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American TV series often want to reach 100 episodes so they can be sold into syndication. Streaming services, however, seem less motivated to reach this goal; Netflix series typically have 8-10 episodes per season and they are notorious for cancelling shows after 3 seasons. Inspired by Lucifer ending its run at 93 episodes (83 + 10 in season 6), just short of the goal, I was curious to know if a streaming service had ever renewed a series enough to put it into syndication. It's OK if the series started on another network as long as it had less than 100 episodes before the service renewed it.

The full 100 isn't always necessary; Netflix has sold Bojack Horseman reruns to Comedy Central despite it finishing at 77 episodes.

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    FYI it is no longer 100 episodes: en.wikipedia.org/wiki/100_episodes . Also, in an era of streaming services syndication isn't that relevant anymore.
    – BCdotWEB
    Nov 29 '20 at 9:42
  • If only there was some sort of service where you could watch all of those streaming service original programs after their original air date, even though they are not syndicated. Oh, wait … Nov 30 '20 at 18:29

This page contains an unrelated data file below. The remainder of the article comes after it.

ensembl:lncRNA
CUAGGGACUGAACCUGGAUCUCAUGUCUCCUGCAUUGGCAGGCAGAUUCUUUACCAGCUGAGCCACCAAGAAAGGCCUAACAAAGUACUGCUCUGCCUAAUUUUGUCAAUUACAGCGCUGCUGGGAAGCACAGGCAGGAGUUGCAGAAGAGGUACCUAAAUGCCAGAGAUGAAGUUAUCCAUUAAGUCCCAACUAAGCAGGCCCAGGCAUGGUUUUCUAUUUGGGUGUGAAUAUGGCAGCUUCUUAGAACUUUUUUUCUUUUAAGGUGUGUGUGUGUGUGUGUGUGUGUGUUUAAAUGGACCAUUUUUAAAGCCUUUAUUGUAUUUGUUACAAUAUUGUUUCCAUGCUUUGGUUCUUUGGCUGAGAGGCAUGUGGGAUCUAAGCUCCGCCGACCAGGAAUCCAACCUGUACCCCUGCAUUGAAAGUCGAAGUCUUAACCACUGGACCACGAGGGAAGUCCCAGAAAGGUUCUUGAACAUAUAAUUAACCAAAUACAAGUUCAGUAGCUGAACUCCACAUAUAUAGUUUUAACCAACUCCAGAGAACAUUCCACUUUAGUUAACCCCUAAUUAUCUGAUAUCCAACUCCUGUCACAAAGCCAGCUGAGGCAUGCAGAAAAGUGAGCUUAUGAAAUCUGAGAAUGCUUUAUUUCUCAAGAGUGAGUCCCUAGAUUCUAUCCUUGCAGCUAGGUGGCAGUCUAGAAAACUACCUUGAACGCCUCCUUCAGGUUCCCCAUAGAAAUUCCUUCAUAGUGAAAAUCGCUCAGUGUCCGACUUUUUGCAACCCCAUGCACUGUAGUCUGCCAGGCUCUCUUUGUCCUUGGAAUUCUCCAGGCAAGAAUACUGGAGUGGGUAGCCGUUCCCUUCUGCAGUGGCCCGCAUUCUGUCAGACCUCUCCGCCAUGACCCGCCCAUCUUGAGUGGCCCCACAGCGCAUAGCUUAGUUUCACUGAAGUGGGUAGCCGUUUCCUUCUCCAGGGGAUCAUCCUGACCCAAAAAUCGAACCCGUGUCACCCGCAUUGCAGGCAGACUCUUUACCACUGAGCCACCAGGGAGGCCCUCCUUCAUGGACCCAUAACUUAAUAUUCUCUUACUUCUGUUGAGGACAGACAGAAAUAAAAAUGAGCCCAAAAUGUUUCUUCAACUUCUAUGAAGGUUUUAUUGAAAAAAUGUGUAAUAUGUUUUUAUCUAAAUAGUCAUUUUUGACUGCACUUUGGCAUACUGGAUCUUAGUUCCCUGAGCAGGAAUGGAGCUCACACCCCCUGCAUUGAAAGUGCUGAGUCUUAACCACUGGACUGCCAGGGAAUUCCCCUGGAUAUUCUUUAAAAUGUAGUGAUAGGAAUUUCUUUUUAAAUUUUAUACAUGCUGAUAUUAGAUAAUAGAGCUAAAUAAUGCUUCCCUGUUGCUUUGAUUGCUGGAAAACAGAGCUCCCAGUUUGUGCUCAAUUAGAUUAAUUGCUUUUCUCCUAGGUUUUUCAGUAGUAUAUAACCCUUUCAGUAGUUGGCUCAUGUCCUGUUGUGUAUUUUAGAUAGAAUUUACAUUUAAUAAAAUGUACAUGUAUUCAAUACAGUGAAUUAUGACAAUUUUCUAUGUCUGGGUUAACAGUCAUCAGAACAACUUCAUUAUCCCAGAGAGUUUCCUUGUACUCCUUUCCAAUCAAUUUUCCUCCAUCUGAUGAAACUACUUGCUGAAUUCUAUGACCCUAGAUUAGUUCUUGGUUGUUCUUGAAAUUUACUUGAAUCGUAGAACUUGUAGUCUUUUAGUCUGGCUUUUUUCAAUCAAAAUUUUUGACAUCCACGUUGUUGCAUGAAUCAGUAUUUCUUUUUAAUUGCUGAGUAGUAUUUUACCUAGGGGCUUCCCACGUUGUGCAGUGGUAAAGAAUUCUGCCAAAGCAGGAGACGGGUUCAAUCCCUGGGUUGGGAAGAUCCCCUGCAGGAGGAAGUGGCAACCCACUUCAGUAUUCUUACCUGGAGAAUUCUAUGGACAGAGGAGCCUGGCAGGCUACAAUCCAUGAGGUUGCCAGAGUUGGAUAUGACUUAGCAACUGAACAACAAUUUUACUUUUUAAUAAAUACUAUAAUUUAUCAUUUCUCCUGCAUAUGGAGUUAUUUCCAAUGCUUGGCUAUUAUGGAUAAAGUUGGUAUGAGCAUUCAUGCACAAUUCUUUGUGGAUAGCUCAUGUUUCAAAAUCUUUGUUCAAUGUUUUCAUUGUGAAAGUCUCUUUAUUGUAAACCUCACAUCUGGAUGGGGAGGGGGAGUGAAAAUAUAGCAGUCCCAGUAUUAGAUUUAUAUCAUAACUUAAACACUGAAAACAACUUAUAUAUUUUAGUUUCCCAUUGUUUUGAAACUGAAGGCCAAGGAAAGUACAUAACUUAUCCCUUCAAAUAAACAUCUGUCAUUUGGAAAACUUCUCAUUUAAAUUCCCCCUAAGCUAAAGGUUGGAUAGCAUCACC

• @JörgWMittag My point was that streaming services could potentially sell their shows to other networks.
    – Purple P
    Nov 30 '20 at 18:40
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Yes

On Netflix, the series Chelsea reached 120 episodes, while Trailer Park Boys (a continuation) had 55 episodes before Netflix picked it up and was renewed until it had 105.

On Amazon, the series Selfie with Bajrangi was commissioned for 104 episodes over 2 seasons and went into syndication on the Disney channel. In 2020 Disney+Hotstar renewed it for 234 more episodes. However, its episodes are only 11 minutes long.

The nearest qualifying series on Disney+ is One Day at Disney, at 51 episodes.

This answer is community wiki, so anyone is welcome to update it as new programming is released.

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